Parking has gotten tight for Orioles games, but scarce enough that the state would print itself phony parking passes?
The Orioles think so, and filed a lawsuit yesterday accusing the Maryland Stadium Authority of printing and distributing unauthorized Camden Yards parking passes to its employees.
The Stadium Authority denied the charge and countered with its own allegations: that the team is giving away more free parking than allowed, denying taxpayers money the team is supposed to share with the state.
It took the diplomatic intervention of Circuit Court Judge Joseph H. H. Kaplan to nudge the two sides to a truce yesterday on how the parking passes will be distributed this season.
That even a simple matter such as distributing 50 passes on a 3,000-space parking lot would require mediation speaks volumes about the dismal state of relations between the Stadium Authority and its charter tenant.
And matters are bound to get worse. The state formally filed Friday for arbitration of the parking issue and other matters. Among them: allegations that the team owes the Stadium Authority about $100,000 and that the team has unreasonably restricted rental of the warehouse to other paying tenants.
It is the first time the complicated conflict-resolution mechanism has been triggered in the five years since the Orioles' 156-page lease was signed.
The parking dispute stems from the displacement of several thousand parking spaces by the construction of the Ravens' stadium on what used to be parking lots D and E, south of Oriole Park. In a wholesale reassignment of spots, some season-ticket holders were moved to premium spaces alongside the long, brick warehouse.
In the past, the Stadium Authority used dozens of those and other premium spaces for its employees during games. It asked for 104 spaces this season, spread throughout a number of the choice lots.
But the Orioles said they had sold the spaces to fans and offered just 25 premier spaces for state workers, bumping the rest to the dingy, partially-paved area around the Hammerjacks nightclub, which the Stadium Authority recently bought. The team says the spaces near Hammerjacks are unsuitable for its fans.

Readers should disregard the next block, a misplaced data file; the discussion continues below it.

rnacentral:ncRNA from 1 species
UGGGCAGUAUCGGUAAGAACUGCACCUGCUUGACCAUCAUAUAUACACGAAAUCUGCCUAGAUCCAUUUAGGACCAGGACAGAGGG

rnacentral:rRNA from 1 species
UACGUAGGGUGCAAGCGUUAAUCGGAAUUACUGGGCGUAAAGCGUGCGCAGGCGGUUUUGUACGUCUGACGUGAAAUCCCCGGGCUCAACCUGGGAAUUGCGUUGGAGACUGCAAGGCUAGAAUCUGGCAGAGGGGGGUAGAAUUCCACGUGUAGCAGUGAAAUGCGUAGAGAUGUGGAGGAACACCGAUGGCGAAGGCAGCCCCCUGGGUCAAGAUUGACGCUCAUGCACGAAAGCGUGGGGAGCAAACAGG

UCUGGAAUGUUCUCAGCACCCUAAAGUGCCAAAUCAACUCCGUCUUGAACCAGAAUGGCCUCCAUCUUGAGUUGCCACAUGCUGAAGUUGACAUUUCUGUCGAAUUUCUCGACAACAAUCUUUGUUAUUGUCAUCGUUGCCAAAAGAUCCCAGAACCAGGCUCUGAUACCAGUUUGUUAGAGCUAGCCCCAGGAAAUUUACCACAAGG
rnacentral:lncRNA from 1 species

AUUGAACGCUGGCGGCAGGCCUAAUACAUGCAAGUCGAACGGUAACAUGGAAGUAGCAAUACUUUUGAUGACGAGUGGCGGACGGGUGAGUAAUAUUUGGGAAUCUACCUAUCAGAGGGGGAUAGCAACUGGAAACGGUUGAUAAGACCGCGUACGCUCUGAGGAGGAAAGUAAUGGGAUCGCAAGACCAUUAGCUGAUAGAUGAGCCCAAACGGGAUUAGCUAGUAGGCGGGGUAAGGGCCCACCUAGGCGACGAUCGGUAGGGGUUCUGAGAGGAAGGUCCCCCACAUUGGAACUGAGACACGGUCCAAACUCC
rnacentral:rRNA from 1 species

Better that government workers be inconvenienced than fans, the team says.
The Stadium Authority overruled the team earlier this month by telling the company it hired to operate the stadium's lots to print up 78 extra passes in choice lots.
The state says it can do this because it built and runs the lots. The lease says the state should operate the lots subject to "reasonable" concurrence of the team. It also guarantees the Stadium Authority 130 spaces, 25 of them in priority locations, for its employees, agents and contractors during games.
The Orioles said the new passes were "counterfeit" and persuaded Kaplan to convene a hearing yesterday morning. The team asked the judge to revoke the 78 passes and order the state to pay damages of at least $1 million.
"What is mind-boggling about it, in recognition of the scarcity of parking, is that a state agency is fending for itself at the public's expense," said Orioles attorney Alan M. Rifkin, complaining that ticket-buying fans were displaced by the government workers.
Not so fast, says the state. The team is permitted, under its lease, to give away 500 spaces to its employees, vendors, media and other specified people. But the state says the team has actually given away 724, including more than 300 in the choicest lots -- a much greater displacement of fans.
"My reading of the lease is it never says the Orioles issue parking passes. When they didn't issue these passes by Opening Day, we just issued them ourselves," said Stadium Authority general counsel Alison Asti.
Besides, the Stadium Authority argued, disputes such as this should be settled through negotiation or the arbitration procedure of the lease, not in a courtroom.
The judge adjourned and brought attorneys for both sides into his chambers for about two hours of spirited negotiations, after which they emerged with a compromise for this season.
Each side will have a limited number of parking freebies to hand out for each game: 500 for the Orioles and 130 for the Stadium Authority. The state will be guaranteed 50 spots in specific, premium lots, including 25 alongside the warehouse. The two sides will exchange lists of people with free parking.
Agreement in place, Kaplan moved the Orioles' lawsuit to the inactive docket and sent the parties on their way. The matter now goes to arbitration, along with the other issues raised by the Stadium Authority.
The Orioles had said last year that they intended to seek arbitration on the matter of contractual "parity" with the Ravens' agreement with the Stadium Authority.
But the case has lumbered along with both sides exchanging documents and trying to resolve the issues, shy of formal arbitration. On Friday, the state went ahead and triggered the process, arguing that the team has "breached material obligations" under its lease.